doi:10.1517/13543776.2012.665877
PMCID: PMC3742739  PMID: 22364361
cancer; nanocrystal; theranostic; imaging; targeted drug delivery
4.  In-house preparation of hydrogels for batch affinity purification of glutathione S-transferase tagged recombinant proteins 
BMC Biotechnology  2012;12:63.
Background
Many branches of biomedical research find use for pure recombinant proteins for direct application or to study other molecules and pathways. Glutathione affinity purification is commonly used to isolate and purify glutathione S-transferase (GST)-tagged fusion proteins from total cellular proteins in lysates. Although GST affinity materials are commercially available as glutathione immobilized on beaded agarose resins, few simple options for in-house production of those systems exist. Herein, we describe a novel method for the purification of GST-tagged recombinant proteins.
Results
Glutathione was conjugated to low molecular weight poly(ethylene glycol) diacrylate (PEGDA) via thiol-ene “click” chemistry. With our in-house prepared PEGDA:glutathione (PEGDA:GSH) homogenates, we were able to purify a glutathione S-transferase (GST) green fluorescent protein (GFP) fusion protein (GST-GFP) from the soluble fraction of E. coli lysate. Further, microspheres were formed from the PEGDA:GSH hydrogels and improved protein binding to a level comparable to purchased GSH-agarose beads.
Conclusions
GSH containing polymers might find use as in-house methods of protein purification. They exhibited similar ability to purify GST tagged proteins as purchased GSH agarose beads.
doi:10.1186/1472-6750-12-63
PMCID: PMC3463477  PMID: 22989306
Glutathione; PEGDA; Glutathione S-transferase; Batch purification; Recombinant protein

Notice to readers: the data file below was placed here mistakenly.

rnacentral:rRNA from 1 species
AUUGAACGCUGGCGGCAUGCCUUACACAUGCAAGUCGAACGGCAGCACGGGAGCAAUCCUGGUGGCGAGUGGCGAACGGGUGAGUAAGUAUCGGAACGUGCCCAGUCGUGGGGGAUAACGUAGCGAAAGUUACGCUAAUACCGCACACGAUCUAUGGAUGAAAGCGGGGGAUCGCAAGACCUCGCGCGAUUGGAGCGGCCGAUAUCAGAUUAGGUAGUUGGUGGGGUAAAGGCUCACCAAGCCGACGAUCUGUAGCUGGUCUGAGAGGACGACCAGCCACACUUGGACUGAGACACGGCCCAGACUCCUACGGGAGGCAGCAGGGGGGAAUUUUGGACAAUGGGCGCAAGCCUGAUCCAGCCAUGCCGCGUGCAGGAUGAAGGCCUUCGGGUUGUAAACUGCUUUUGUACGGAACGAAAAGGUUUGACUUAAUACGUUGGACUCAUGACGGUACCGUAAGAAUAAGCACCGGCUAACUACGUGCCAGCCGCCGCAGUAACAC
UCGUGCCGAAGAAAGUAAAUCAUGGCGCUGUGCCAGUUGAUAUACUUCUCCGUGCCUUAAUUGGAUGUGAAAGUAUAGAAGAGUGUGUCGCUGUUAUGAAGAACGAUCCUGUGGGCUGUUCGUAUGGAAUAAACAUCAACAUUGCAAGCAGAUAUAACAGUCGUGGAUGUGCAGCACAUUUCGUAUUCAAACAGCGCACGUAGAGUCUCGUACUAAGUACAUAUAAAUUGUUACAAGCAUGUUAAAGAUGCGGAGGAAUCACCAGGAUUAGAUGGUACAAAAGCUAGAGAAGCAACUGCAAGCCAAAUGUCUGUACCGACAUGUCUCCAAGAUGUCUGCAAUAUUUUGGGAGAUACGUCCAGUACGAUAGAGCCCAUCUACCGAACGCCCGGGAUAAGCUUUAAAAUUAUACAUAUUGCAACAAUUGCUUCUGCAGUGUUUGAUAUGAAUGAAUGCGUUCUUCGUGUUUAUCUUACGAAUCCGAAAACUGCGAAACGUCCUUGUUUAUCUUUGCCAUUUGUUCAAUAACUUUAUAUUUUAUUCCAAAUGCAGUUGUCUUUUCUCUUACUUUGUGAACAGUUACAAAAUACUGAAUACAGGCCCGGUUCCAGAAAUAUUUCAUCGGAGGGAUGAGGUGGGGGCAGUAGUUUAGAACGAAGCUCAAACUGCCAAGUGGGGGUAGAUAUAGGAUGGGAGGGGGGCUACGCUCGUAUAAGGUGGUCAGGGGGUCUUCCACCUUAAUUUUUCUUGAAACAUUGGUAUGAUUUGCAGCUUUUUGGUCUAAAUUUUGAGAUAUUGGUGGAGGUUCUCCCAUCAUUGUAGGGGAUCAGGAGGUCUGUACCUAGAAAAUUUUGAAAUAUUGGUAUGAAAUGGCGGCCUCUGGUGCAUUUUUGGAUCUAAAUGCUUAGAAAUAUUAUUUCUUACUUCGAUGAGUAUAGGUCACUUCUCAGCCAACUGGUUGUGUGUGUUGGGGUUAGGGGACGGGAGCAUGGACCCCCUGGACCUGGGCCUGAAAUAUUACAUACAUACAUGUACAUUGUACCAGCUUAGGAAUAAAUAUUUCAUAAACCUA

5.  Combination of alpha-glucosidase inhibitor and ribavirin for the treatment of Dengue virus infection in vitro and in vivo 
Antiviral research  2010;89(1):26-34.
Cellular α-glucosidases I and II are enzymes that sequentially trim the three terminal glucoses in the N-linked oligosaccharides of viral envelope glycoproteins. This process is essential for the proper folding of viral glycoproteins and subsequent assembly of many enveloped viruses, including dengue virus (DENV). Imino sugars are substrate mimics of α-glucosidases I and II. In this report, we show that two oxygenated alkyl imino sugar derivatives, CM-9-78 and CM-10-18, are potent inhibitors of both α-glucosidases I and II in vitro and in treated animals, and efficiently inhibit DENV infection of cultured human cells. Pharmacokinetic studies reveal that both compounds are well tolerated at doses up to 100mg/kg in rats and have favorable pharmacokinetic properties and bioavailability in mice. Moreover, we showed that oral administration of either CM-9-78 or CM-10-18 reduces the peak viremia of DENV in mice. Interestingly, while treatment of DENV infected mice with ribavirin alone did not reduce the viremia, combination therapy of ribavirin with sub-effective dose of CM-10-18 demonstrated a significantly enhanced antiviral activity, as indicated by a profound reduction of the viremia. Our findings thus suggest that combination therapy of two broad-spectrum antiviral agents may provide a practically useful approach for the treatment of DENV infection.
doi:10.1016/j.antiviral.2010.11.002
PMCID: PMC3018560  PMID: 21073903
α-glucosidase; imino sugar; dengue virus; ribavirin; combination

Results 1-5 (5)